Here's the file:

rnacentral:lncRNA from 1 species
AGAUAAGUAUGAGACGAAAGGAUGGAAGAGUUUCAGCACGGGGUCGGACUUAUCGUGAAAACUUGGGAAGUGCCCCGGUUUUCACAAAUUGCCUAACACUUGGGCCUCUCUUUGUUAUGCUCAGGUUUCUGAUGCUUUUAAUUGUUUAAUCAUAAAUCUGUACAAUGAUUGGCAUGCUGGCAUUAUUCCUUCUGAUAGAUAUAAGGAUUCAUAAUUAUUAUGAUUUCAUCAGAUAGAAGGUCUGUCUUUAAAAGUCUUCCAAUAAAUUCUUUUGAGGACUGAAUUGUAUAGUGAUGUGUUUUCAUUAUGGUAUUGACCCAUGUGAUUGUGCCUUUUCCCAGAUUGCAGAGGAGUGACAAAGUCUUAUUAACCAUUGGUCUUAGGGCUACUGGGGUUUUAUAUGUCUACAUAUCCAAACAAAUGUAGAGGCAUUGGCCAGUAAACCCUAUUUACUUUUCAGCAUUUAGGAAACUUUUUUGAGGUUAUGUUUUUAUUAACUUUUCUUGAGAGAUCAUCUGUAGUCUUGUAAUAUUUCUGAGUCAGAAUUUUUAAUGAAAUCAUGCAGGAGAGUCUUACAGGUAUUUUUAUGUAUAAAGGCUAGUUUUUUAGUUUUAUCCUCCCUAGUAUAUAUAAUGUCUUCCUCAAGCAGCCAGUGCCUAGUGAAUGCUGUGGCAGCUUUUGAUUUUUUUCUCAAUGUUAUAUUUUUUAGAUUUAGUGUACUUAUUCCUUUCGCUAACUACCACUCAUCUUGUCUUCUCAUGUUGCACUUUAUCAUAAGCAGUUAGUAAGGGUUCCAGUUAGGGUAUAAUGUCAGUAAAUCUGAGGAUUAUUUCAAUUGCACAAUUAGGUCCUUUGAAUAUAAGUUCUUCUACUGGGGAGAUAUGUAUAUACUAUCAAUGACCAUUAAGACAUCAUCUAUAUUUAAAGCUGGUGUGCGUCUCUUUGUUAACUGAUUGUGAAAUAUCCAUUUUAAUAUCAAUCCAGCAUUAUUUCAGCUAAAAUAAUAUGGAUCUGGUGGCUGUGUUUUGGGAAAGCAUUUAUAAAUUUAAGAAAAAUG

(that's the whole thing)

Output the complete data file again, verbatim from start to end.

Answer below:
rnacentral:lncRNA from 1 species
AGAUAAGUAUGAGACGAAAGGAUGGAAGAGUUUCAGCACGGGGUCGGACUUAUCGUGAAAACUUGGGAAGUGCCCCGGUUUUCACAAAUUGCCUAACACUUGGGCCUCUCUUUGUUAUGCUCAGGUUUCUGAUGCUUUUAAUUGUUUAAUCAUAAAUCUGUACAAUGAUUGGCAUGCUGGCAUUAUUCCUUCUGAUAGAUAUAAGGAUUCAUAAUUAUUAUGAUUUCAUCAGAUAGAAGGUCUGUCUUUAAAAGUCUUCCAAUAAAUUCUUUUGAGGACUGAAUUGUAUAGUGAUGUGUUUUCAUUAUGGUAUUGACCCAUGUGAUUGUGCCUUUUCCCAGAUUGCAGAGGAGUGACAAAGUCUUAUUAACCAUUGGUCUUAGGGCUACUGGGGUUUUAUAUGUCUACAUAUCCAAACAAAUGUAGAGGCAUUGGCCAGUAAACCCUAUUUACUUUUCAGCAUUUAGGAAACUUUUUUGAGGUUAUGUUUUUAUUAACUUUUCUUGAGAGAUCAUCUGUAGUCUUGUAAUAUUUCUGAGUCAGAAUUUUUAAUGAAAUCAUGCAGGAGAGUCUUACAGGUAUUUUUAUGUAUAAAGGCUAGUUUUUUAGUUUUAUCCUCCCUAGUAUAUAUAAUGUCUUCCUCAAGCAGCCAGUGCCUAGUGAAUGCUGUGGCAGCUUUUGAUUUUUUUCUCAAUGUUAUAUUUUUUAGAUUUAGUGUACUUAUUCCUUUCGCUAACUACCACUCAUCUUGUCUUCUCAUGUUGCACUUUAUCAUAAGCAGUUAGUAAGGGUUCCAGUUAGGGUAUAAUGUCAGUAAAUCUGAGGAUUAUUUCAAUUGCACAAUUAGGUCCUUUGAAUAUAAGUUCUUCUACUGGGGAGAUAUGUAUAUACUAUCAAUGACCAUUAAGACAUCAUCUAUAUUUAAAGCUGGUGUGCGUCUCUUUGUUAACUGAUUGUGAAAUAUCCAUUUUAAUAUCAAUCCAGCAUUAUUUCAGCUAAAAUAAUAUGGAUCUGGUGGCUGUGUUUUGGGAAAGCAUUUAUAAAUUUAAGAAAAAUG